A Weddell seal pup peeks through the sea ice in Erebus Bay, Antarctica.
Photo Credit: Linnea Pearson, NMFS Permit No. 21006-01, ACA Permit No. 2018-013 M#1.
A Weddell seal pup peeks through the sea ice in Erebus Bay, Antarctica.

Weddell seal pups are born with a coat of fluffy fur called lanugo. As the pups grow, they shed their baby fur, grown in a new coat, and build up vast stores of blubber to keep themselves warm. The Southern Ocean has some of the coldest waters on Earth, but adult Weddell seals can spend up to an hour and a half submerged in those frigid waters thanks to their blubber. Unfortunately, pups have to get comfortable spending time in such cold water without the benefit of insulating blubber so they can learn to swim, dive, and find food.

In the new study, Pearson and her colleagues wanted to know at what point a Weddell seal pup is ready to enter the water from an energy standpoint. Basically, at what point can the pups stay warm enough in the water to learn how to swim and dive, and what factors determine when they're ready?

The researchers monitored Weddell seal pups in Erebus Bay, off the coast of Ross Island, from October to December of 2017 and 2019. They weighed and measured the pups, estimated their body composition (how much blubber they packed on), and used instruments to record how much time they spent in the water and how far down they dove. Researchers also measured the pups' resting metabolic rates and monitored their molting status.

Swimming in the cold

The results showed pups who had finished molting expended less energy to keep warm in the water, regardless of how much blubber they had. This made sense to the researchers because one way mammals stay warm in a cold environment is by restricting blood flow to the skin and extremities. But molting seal pups can't do that because the hair follicles need a plentiful blood supply in order to grow their new fur coat.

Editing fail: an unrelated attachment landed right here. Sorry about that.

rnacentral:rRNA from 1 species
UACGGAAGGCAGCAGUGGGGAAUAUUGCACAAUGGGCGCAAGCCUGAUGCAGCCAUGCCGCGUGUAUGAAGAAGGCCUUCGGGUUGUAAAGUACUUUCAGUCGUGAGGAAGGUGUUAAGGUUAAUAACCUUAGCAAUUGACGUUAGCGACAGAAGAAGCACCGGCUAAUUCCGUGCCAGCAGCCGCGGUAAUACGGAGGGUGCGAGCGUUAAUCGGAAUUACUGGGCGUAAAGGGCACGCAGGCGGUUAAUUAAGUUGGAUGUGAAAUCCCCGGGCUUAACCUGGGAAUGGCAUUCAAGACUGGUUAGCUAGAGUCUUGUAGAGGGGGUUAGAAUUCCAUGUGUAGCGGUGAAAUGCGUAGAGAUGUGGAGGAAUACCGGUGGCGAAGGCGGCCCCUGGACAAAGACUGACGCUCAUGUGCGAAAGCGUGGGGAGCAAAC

“We expected if they were fatter and had more blubber that they would be warmer in water regardless of what their fur looked like,” Pearson said. “But we found [molting] really mattered. Yes, more blubber is helpful, but they also needed to have a full juvenile coat and not be the fluffy, fuzzy little baby anymore.”

The researchers also saw that on average, pups who had finished molting dove nearly twice as far down into the water as pups who were molting or had yet to molt. But surprisingly, molting pups spent on average more than twice as much time in the water in their first two months of life than pups who had finished molting. So pups who learn to swim while molting may be better prepared for life in the water in the long term, although the researchers can't draw definitive conclusions just yet.

“There is an energetic trade off there, but being a good diver and getting all that physiology is very important and worth the cost of being in the water when they're molting,” Pearson said.

This research is supported by the National Science Foundation, which manages the U.S. Antarctic Program. NSF-funded research in this story: Heather Liwanag, California Polytechnic State University, award 1543539.